Your healthcare professional may also prescribe you medications, like triptans, to help relieve your pain. 

Headache treatments

There are several ways to relieve a headache. You may try these options while you find what’s the underlying cause of your headache and determine which foods trigger this symptom.

  • Over-the-counter pain relievers: You can try taking over-the-counter (OTC) medications to find relief from your headache. These include nonsteroidal anti-inflammatory drugs (NSAIDs), such as ibuprofen (Advil), naproxen (Naprosyn), and acetaminophen (Tylenol).
  • Prescription migraine medication: If your headache is related to migraine, doctors may prescribe migraine medications. These include triptans like sumatriptan (Imitrex) and zolmitriptan (Zomig), ditans like lasmiditan (Reyvow), and gepants like rimegepant (Nurtec).
  • Hydration: It’s important to keep hydrated. Certain factors that cause headaches, like food poisoning and allergies, can lead to dehydration. Dehydration can also result in headaches.
  • Rest and relax: Stress and being tired can worsen your headache.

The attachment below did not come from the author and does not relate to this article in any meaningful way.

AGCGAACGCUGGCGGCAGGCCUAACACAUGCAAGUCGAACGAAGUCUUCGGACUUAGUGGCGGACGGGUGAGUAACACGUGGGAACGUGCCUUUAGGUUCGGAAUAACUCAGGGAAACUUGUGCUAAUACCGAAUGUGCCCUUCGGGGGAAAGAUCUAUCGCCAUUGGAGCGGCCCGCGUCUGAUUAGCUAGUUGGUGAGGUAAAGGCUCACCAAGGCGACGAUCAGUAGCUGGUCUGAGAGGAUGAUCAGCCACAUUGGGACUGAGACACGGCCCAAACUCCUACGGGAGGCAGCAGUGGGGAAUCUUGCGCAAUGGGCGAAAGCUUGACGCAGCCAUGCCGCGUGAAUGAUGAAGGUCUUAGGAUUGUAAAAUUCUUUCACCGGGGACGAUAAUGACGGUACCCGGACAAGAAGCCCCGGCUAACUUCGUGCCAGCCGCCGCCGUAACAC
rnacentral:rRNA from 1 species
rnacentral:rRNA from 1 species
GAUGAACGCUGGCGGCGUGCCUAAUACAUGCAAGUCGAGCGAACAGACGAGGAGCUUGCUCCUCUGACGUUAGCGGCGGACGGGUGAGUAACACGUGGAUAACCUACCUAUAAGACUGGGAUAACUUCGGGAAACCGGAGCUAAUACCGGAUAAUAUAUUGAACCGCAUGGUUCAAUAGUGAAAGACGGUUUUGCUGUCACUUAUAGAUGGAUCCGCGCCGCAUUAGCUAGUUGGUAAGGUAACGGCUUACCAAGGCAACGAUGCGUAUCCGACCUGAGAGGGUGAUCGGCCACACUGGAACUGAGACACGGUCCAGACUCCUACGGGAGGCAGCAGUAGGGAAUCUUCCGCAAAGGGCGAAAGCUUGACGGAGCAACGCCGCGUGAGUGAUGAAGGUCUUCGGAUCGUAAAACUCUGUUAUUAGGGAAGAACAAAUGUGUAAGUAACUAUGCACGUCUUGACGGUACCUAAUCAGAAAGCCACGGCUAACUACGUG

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It’s not uncommon to experience a headache after a meal. Causes can range from specific food triggers to underlying conditions like diabetes, TMJ disorders, food allergies, and poisoning. 

Certain foods are more likely to trigger a headache, such as coffee, aged cheeses, cured meats, processed foods, and alcohol. These foods and the substances that they contain can affect how your brain reacts and functions. They can also affect changes in your blood vessels. 

If you frequently experience a headache after eating, talk with a healthcare professional. They can help you identify what’s causing this symptom, whether it’s a specific food or an ingredient, or a health condition.

Download the free Optum Perks Discount Card to save up to 80% on some prescription medications.